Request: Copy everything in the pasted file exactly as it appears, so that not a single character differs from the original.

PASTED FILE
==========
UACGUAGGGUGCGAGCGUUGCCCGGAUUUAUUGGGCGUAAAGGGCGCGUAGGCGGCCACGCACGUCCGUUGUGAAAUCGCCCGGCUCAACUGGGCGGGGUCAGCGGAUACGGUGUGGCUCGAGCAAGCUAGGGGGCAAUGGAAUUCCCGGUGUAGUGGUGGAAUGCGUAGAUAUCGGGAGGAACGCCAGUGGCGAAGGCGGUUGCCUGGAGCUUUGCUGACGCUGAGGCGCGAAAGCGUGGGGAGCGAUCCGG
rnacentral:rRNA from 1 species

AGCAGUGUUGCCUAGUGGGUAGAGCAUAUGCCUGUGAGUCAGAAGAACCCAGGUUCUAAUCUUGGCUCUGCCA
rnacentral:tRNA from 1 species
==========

UACGUAGGGUGCGAGCGUUGCCCGGAUUUAUUGGGCGUAAAGGGCGCGUAGGCGGCCACGCACGUCCGUUGUGAAAUCGCCCGGCUCAACUGGGCGGGGUCAGCGGAUACGGUGUGGCUCGAGCAAGCUAGGGGGCAAUGGAAUUCCCGGUGUAGUGGUGGAAUGCGUAGAUAUCGGGAGGAACGCCAGUGGCGAAGGCGGUUGCCUGGAGCUUUGCUGACGCUGAGGCGCGAAAGCGUGGGGAGCGAUCCGG
rnacentral:rRNA from 1 species

AGCAGUGUUGCCUAGUGGGUAGAGCAUAUGCCUGUGAGUCAGAAGAACCCAGGUUCUAAUCUUGGCUCUGCCA
rnacentral:tRNA from 1 species